A top U.S. diplomat has tried to play down the damage to
Washington's diplomacy in Ukraine from a leaked telephone
call, but German Chancellor Angela Merkel called an obscene
remark about the EU "absolutely unacceptable."
U.S. officials blamed Moscow for the Internet leak of
recordings of a senior State Department official and the U.S.
ambassador discussing a possible future government for
Ukraine, where Washington and Brussels back anti-Kremlin
Western officials described the leaks as a throwback to the
cloak-and-dagger tactics of the Cold War, apparently aimed as
much at sowing discord among Western allies as at
discrediting the opposition in Ukraine, a country of 46
million people on the verge of bankruptcy, torn between East
Senior State Department official Victoria Nuland is heard
using an expletive to tell the U.S. ambassador to Ukraine,
Geoffrey Pyatt, it would be better if a new Ukrainian
government is backed by the United Nations than the EU.
"F*** the EU," she says.
U.S. officials have not denied the authenticity of the
recording and said Nuland apologised to EU colleagues for the
Angela Merkel - already furious with Washington for several
months over reports that U.S. officials bugged her own phone
- found Nuland's remarks "totally unacceptable", a
spokeswoman for the German chancellor said.
Merkel also expressed support for EU foreign policy chief
Catherine Ashton, who heads the bloc's Ukraine policy.
In a separate leaked recording, an Ashton aide is overheard
complaining about the United States for telling Ukrainian
opposition members that Brussels was "soft" in its reluctance
to impose measures such as sanctions to hurt the pro-Russian
Nuland, who met President Viktor Yanukovich in Kiev on
Thursday before the Ukrainian leader flew off to meet
President Vladimir Putin at the Olympics in Russia, described
the bugging and leaks as "pretty impressive tradecraft" but
said it would not hurt her ties with the Ukrainian
Other U.S. officials directly blamed Moscow, noting that the
leaked recording, posted anonymously, was first highlighted
in a tweet from a Russian official.
"Tapping phone calls and releasing carefully selected bits to
support propaganda efforts is an age-old method by some type
of regimes," Swedish Foreign Minister Carl Bildt tweeted.
In Washington, U.S. officials said Nuland and Pyatt
apparently used unencrypted cellphones, which are relatively
easy to monitor. The officials said smart phones issued to
State Department officials had data encryption but not voice
In Nuland's bugged call, apparently recorded about 12 days
ago when Ukrainian opposition leaders were considering an
offer from Yanukovich to join his cabinet, she suggested that
one of three leading figures might accept a post but two
others should stay out. In the end, all three rejected the
The diplomatic furore with the EU draws attention to a gulf
between Washington and Brussels, who agree on the goal to
draw Ukraine closer to the West but disagree over how to
achieve it. Some U.S. officials want to threaten Yanukovich's
government with sanctions, including travel bans on
individuals. Many Europeans worry that such tactics could be
counterproductive by driving Ukraine's elite closer to
Relations between Washington and Moscow, frosty for years,
have been bitter recently, with disputes over Syria, human
rights and other issues leaving little to show for what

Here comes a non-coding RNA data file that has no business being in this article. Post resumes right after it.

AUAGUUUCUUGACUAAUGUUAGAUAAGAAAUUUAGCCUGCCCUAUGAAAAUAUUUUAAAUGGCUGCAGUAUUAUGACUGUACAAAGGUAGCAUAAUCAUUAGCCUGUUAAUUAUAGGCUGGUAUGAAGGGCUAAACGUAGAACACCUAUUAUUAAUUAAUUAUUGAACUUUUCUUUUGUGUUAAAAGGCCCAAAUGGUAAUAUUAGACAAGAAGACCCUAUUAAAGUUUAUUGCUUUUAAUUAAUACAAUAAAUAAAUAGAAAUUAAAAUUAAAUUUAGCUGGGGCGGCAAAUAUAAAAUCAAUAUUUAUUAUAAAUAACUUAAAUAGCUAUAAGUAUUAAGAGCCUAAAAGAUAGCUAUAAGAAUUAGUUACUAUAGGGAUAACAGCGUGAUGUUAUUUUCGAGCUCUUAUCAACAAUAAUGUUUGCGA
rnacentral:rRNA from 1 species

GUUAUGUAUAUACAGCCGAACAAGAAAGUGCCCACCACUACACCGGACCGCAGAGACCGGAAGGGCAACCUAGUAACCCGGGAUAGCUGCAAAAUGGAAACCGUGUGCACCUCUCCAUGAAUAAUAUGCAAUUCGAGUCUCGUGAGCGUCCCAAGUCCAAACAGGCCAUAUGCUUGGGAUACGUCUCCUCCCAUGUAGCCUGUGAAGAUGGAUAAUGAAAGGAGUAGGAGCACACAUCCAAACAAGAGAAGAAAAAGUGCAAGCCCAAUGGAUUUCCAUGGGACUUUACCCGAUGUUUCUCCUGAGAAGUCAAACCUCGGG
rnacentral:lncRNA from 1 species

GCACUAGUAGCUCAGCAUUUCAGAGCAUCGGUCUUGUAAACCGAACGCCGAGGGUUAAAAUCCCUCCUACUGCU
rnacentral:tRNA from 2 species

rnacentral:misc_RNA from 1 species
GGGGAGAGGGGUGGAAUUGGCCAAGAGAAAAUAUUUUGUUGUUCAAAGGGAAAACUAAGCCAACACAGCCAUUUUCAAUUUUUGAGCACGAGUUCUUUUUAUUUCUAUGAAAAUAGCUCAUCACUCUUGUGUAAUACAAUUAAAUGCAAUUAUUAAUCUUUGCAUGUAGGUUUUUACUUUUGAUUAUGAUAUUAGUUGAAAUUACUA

President Barack Obama's administration once billed as a
Within Ukraine, economic and political events have been
coming to a head three months into the political crisis that
began with Yanukovich's decision to walk away from a free
trade pact with the EU under Russian pressure.
The central bank imposed new capital controls overnight in a
bid to shore up the sliding hryvnia currency. Officials said
the measures - which include a six-day waiting period for
hard currency purchases, a maximum of around $5,700 for
private transfers abroad and a ban on buying hard currency to
pay back foreign loans early or invest abroad - were only
"The result will be a flourishing black market" in dollars,
said Tatiana Orlova, an emerging markets strategist at RBS in
Central bank governor Ihor Sorkin said: "When the situation
improves, these temporary measures will be removed."
On the political front, Yanukovich must name a new prime
minister after sacking a pro-Russian loyalist in a concession
to demonstrators only to fail to persuade opposition leaders
to take his place.
Russia, which bailed out Ukraine with an offer of $15 billion
in cheap gas and loans after Yanukovich snubbed the EU trade
pact, has cut off the funds until it learns who the new prime
minister will be. Yanukovich may discuss it with Putin.
Modern Ukraine is divided between eastern provinces that were
districts of Russia for centuries and where most people speak
Russian, and western sections that were annexed by the
Soviets from Poland and the former Austrian empire, where
most people speak Ukrainian and many resent Russian
Although many Ukrainians say they dream of integration with
the West, the Soviet economic legacy gives Moscow
extraordinary leverage: Ukraine's heavy industry depends on
imports of energy, above all Russian natural gas.
Moscow portrays the anti-Yanukovich demonstrators as paid
Western agents and seems to be pushing for Yanukovich to
order a crackdown to clear the streets.
In some of the sharpest language yet, the Kremlin's point man
on Ukraine, Sergei Glazyev, urged the Ukrainian leader to
stop negotiating with "putschists". He accused Washington of
arming, funding and training the opposition to take power.
Nuland called the remarks "pure fantasy".
"He could be a science fiction writer," she said.